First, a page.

To get in touch with World Vision Singapore, you may send them an email at enquiries@worldvision.org.sg.

Help Stop Companies from Robbing the Poor

Most of my readers know that I have strong socialist values and feel really strongly about equal rights for all people. Our current government has created a culture of keeping the rich rich and the poor poor, which has perpetuated food bank usage in the UK, huge levels of homelessness and the highest levels of child poverty in hundreds of years. What you might not know is that the huge tax-dodging companies which operate in the UK have a huge effect on poverty in other countries too. Companies dodge approximately £78 billion in tax in poor countries annually, stripping them of funds for vital services. Oxfam reveal that just a third of this amount would be enough to cover the healthcare that could prevent the needless deaths of eight million mothers, babies and children. Oxfam has created a powerful video to show what’s happening:

Showing it in such stark, literal terms of patients being directly deprived may seem provocative, especially when we see the part with the baby in an incubator, but the cold, hard facts are that this is exactly what happens when companies refuse to pay their taxes.

It makes me sick that even the lowest paid workers are expected to pay income tax and tax on almost everything they buy, but companies which turn over billions in profit get let off. I can’t even begin to get my head around how unfair that is and it’s time that we started demanding that the Government make changes.

Oxfam has started a petition and is asking people to follow this link and add your name to a list of people who wants to see changes happen NOW. It will take two minutes of your time and could make a difference, not only to us here in the UK, but also to people living in enforced poverty all over the world.

Do leave me a comment below if you have anything to say about the campaign or just to let me know you’re adding your name to the petition. I’m heading there to sign my name right now.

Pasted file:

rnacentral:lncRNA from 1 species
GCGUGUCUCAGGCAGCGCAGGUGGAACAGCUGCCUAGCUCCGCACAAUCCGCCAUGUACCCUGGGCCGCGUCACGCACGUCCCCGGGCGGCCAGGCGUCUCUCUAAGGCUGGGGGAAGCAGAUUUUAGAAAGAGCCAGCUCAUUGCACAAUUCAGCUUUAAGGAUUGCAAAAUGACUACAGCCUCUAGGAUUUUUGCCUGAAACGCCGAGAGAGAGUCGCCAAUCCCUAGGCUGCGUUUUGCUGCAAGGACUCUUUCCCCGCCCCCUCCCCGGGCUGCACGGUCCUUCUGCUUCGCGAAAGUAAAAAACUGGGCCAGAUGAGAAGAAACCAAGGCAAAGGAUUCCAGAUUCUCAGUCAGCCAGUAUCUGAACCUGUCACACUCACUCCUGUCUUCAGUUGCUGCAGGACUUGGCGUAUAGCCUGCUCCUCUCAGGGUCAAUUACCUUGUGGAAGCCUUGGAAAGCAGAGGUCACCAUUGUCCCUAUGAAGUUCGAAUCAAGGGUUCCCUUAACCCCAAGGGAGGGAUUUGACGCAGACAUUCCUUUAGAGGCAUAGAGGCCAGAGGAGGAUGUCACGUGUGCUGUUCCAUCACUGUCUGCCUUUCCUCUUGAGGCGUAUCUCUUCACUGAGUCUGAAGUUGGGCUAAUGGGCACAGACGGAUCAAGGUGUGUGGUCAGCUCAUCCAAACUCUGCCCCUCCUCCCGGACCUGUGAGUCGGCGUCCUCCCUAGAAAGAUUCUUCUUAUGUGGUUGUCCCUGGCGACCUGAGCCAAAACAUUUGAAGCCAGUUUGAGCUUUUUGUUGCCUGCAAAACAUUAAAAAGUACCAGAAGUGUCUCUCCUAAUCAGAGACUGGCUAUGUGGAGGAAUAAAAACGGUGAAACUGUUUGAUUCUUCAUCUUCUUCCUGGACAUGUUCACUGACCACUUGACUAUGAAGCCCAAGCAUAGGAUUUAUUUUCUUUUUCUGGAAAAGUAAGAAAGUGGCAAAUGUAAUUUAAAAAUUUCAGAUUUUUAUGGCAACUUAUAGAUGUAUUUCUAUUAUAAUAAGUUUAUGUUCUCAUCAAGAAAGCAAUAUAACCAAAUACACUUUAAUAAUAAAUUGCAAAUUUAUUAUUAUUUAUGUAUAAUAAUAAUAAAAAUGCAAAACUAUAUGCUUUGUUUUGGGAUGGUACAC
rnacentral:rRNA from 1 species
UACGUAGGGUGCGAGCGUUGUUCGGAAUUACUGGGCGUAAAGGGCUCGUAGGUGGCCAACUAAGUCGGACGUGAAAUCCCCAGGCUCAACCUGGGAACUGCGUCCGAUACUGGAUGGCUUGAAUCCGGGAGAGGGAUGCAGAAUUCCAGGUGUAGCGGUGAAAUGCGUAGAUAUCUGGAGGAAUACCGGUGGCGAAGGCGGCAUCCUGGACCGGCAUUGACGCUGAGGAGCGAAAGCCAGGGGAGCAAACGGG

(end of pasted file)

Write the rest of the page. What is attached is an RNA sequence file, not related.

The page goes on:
Has the Coalition Government Betrayed the Elderly?

Brought to you by Stannah Stairlifts

The care of our elderly citizens has been a popular news topic for some time now and the most recent reports are beginning to throw accusations at those responsible for allocating state-funded care to those most in need. Going under fire for betraying the elderly on earlier promises, the coalition government has come under great scrutiny lately – but are they really guilty?

Broken promises

According to a report on The Daily Telegraph, thousands of pensioners will be forced to sell their homes despite being promised that this wouldn’t happen. The scandal first gathered pace when it was announced that the government’s flagship scheme to stop old people having to sell their property while they’re paying for care at a residential home or in their own property would be means-tested.

The Government claims that this will improve prospects for the elderly so that they’re not facing unlimited care costs or being forced to part with their homes but other authorities have different opinions. They have claimed that thousands of pensioners could be put at risk but not qualifying for the scheme under the new means-test.

This would mean they would have to run down the value of their personal possessions and savings until it reached a figure lower than £23,250 at which point they would then qualify for the scheme.

Funding care

For those wondering what all the fuss is about, the crux of the issue lies with the cost of care. This has been rising for some time now, leaving older individuals struggling to cope with the bills. This led the Government to introduce a cap of £72,000 for the amount of money anyone should spend on their care over their lifetime with new rules on who can qualify for benefits and state-funded support.

The idea was that those who faced the idea of selling their homes to afford care would be able to talk to their local council and have their care bills settled via a long-term loan which was repaid from their estate so that they weren’t forced to relocate.

The means-test was introduced as a way to ensure that local councils were able to support this move financially but it is unlikely the battle will end here. With elections on the cards for parliament, social care is expected to be a big bargaining tool when different parties but their arguments forward. The coalition has already introduced a new model for elderly care payments with labour indicating that they are devising their own plans.